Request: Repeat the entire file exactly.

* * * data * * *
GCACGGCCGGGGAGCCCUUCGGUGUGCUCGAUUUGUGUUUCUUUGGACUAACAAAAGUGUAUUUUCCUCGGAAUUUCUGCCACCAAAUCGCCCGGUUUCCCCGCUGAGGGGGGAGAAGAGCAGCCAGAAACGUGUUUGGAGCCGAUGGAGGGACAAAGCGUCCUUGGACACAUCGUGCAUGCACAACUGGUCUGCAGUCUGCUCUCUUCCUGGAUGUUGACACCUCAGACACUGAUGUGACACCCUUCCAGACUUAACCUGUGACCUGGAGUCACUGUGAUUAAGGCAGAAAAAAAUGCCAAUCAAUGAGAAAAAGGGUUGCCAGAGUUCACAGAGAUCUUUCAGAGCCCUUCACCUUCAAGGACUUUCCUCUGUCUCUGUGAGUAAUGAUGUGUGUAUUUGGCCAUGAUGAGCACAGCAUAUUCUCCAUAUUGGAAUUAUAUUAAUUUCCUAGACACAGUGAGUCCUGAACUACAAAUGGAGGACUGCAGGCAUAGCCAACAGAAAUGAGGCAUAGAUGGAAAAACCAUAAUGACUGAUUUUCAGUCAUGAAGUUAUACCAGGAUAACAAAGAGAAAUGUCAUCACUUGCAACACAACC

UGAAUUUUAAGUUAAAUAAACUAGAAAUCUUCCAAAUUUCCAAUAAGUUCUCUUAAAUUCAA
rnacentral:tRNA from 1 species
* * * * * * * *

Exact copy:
GCACGGCCGGGGAGCCCUUCGGUGUGCUCGAUUUGUGUUUCUUUGGACUAACAAAAGUGUAUUUUCCUCGGAAUUUCUGCCACCAAAUCGCCCGGUUUCCCCGCUGAGGGGGGAGAAGAGCAGCCAGAAACGUGUUUGGAGCCGAUGGAGGGACAAAGCGUCCUUGGACACAUCGUGCAUGCACAACUGGUCUGCAGUCUGCUCUCUUCCUGGAUGUUGACACCUCAGACACUGAUGUGACACCCUUCCAGACUUAACCUGUGACCUGGAGUCACUGUGAUUAAGGCAGAAAAAAAUGCCAAUCAAUGAGAAAAAGGGUUGCCAGAGUUCACAGAGAUCUUUCAGAGCCCUUCACCUUCAAGGACUUUCCUCUGUCUCUGUGAGUAAUGAUGUGUGUAUUUGGCCAUGAUGAGCACAGCAUAUUCUCCAUAUUGGAAUUAUAUUAAUUUCCUAGACACAGUGAGUCCUGAACUACAAAUGGAGGACUGCAGGCAUAGCCAACAGAAAUGAGGCAUAGAUGGAAAAACCAUAAUGACUGAUUUUCAGUCAUGAAGUUAUACCAGGAUAACAAAGAGAAAUGUCAUCACUUGCAACACAACC

UGAAUUUUAAGUUAAAUAAACUAGAAAUCUUCCAAAUUUCCAAUAAGUUCUCUUAAAUUCAA
rnacentral:tRNA from 1 species